Tips are included, small "rounding up" is pretty much customary, keep it under 5% so as not to spoil the market. Usually in cash, even if you pay by credit card.

Slowpoke
Slowpoke
5006 posts
expert
Jul 9, 2018 - 1:01 PM in reply to Snowman

Hi snowman-

I have never ben in a Swiss restaurant where leaving a tip was expected; often I do not tip.

I frequently round up to the nearest whole CHF. For an exceptional experience or special service, such as a large table, I tip.

Slowpoke

Arno
Arno
11143 posts
expert &
moderator
Jul 9, 2018 - 1:08 PM

I usually don't tip either, I'd rather save the money for a next visit :-) I appreciate the Swiss system of fair wages for the staff (as far as I know), so they don't depend on it and don't expect it. But you can tip, and it will be appreciated. I think there are also countries where it's not appreciated.

Slowpoke
Slowpoke
5006 posts
expert
Jul 9, 2018 - 1:23 PM in reply to Arno

HI Arno-

As you probably know, wait staff in restaurants in the USA depend on tips for their living. Wages are low in these jobs. And, often, skills are low, too.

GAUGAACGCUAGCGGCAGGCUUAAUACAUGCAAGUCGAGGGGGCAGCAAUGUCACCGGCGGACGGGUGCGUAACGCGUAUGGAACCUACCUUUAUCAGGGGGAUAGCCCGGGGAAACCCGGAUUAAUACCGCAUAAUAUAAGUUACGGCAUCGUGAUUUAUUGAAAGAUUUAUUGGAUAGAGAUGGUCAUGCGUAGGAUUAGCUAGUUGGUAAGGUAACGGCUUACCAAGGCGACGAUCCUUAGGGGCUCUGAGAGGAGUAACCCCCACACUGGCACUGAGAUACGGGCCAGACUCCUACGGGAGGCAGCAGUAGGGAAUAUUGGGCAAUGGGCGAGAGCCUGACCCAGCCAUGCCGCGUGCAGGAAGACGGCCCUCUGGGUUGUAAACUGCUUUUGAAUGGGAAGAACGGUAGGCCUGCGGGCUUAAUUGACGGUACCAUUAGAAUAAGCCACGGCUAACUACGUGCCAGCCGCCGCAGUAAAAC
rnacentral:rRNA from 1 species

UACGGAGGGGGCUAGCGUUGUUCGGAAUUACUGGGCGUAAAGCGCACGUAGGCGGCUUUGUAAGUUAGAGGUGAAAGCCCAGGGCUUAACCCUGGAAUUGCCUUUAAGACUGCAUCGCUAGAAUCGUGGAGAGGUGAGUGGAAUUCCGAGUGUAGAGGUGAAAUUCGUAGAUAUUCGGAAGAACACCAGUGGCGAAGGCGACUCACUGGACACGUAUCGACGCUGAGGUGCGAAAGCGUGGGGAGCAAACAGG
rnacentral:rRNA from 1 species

Slowpoke

Arno
Arno
11143 posts
expert &
moderator
Jul 9, 2018 - 1:36 PM in reply to Slowpoke

Hi Slowpoke,

Yes I know, they'll probably chase you down the street if you don't leave a 15% tip or so :-) Well, any system is fine as long as you know about it as a foreigner. US food prices are quite affordable as I recall it, and it only makes sense to leave a tip if you know that the staff is not earning a lot. I prefer the "tips included system" though.

Lucas
Lucas
8846 posts
expert &
moderator
Jul 9, 2018 - 1:57 PM in reply to Slowpoke

Haha. Well my wife slaps my hand if I pronounce it Swiss-German rather than her "German". So I always avoid hard K sounds with the CH letters no matter what. I know I can get away with it a bit more when I'm speaking with locals in some areas of the country.

I always endeavor to speak in one language yes. ;) in regards to English/ Englisch...that is just me quickly typing here on the forum and not an indication of pronunciation.

I prefer to say Kann Ich mit Ihnen English Sprechen when I know the conversation will, at some point, go beyond my German skills. IE techincal questions or medical, official documents etc. But that is getting tricky for one-time visitors with limited German. Sprechen Sie English is perfect.

A great thread to keep going!

I love the Swiss tipping system. I wish they would raise prices in North American and do away with tipping!

Last modified on Jul 9, 2018 - 1:59 PM by Lucas